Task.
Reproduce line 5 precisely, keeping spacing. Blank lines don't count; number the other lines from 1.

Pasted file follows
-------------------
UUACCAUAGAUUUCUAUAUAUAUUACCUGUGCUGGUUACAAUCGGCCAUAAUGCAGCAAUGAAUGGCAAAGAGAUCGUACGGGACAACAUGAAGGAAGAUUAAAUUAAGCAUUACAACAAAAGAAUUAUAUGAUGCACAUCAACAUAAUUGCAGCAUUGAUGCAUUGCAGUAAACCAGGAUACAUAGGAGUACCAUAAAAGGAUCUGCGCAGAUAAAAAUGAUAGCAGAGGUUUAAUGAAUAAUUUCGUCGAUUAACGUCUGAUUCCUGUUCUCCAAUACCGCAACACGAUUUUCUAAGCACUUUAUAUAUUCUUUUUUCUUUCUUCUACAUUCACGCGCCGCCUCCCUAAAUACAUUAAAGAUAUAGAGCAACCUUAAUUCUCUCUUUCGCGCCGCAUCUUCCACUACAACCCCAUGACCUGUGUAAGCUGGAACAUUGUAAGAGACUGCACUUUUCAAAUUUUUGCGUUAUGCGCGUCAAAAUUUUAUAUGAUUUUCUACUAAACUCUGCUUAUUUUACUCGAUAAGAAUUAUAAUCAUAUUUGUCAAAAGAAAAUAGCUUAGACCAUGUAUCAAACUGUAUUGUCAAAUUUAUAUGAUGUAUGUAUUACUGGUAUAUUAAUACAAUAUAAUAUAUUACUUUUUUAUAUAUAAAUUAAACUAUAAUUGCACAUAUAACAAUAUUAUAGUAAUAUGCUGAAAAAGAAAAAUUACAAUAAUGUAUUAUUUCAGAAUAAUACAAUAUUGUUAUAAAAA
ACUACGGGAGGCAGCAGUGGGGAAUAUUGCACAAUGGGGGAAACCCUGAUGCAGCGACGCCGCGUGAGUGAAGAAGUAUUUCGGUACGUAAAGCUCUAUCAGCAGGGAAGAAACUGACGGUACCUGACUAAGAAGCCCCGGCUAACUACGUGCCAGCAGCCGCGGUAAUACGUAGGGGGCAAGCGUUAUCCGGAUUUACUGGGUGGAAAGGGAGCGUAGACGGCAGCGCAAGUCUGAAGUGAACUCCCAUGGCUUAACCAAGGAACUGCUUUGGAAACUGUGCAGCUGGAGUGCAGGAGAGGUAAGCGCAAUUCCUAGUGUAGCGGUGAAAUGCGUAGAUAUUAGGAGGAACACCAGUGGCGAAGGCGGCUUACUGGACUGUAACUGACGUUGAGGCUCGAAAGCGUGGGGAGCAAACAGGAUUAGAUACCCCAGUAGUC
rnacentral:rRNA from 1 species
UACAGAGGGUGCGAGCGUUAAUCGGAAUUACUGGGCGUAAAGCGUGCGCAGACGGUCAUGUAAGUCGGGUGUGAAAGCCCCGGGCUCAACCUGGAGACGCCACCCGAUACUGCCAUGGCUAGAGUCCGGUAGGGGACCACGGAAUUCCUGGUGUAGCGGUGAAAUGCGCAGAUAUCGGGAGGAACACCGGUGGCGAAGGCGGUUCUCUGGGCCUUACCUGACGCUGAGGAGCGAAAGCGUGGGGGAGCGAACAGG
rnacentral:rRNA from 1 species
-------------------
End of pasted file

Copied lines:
rnacentral:rRNA from 1 species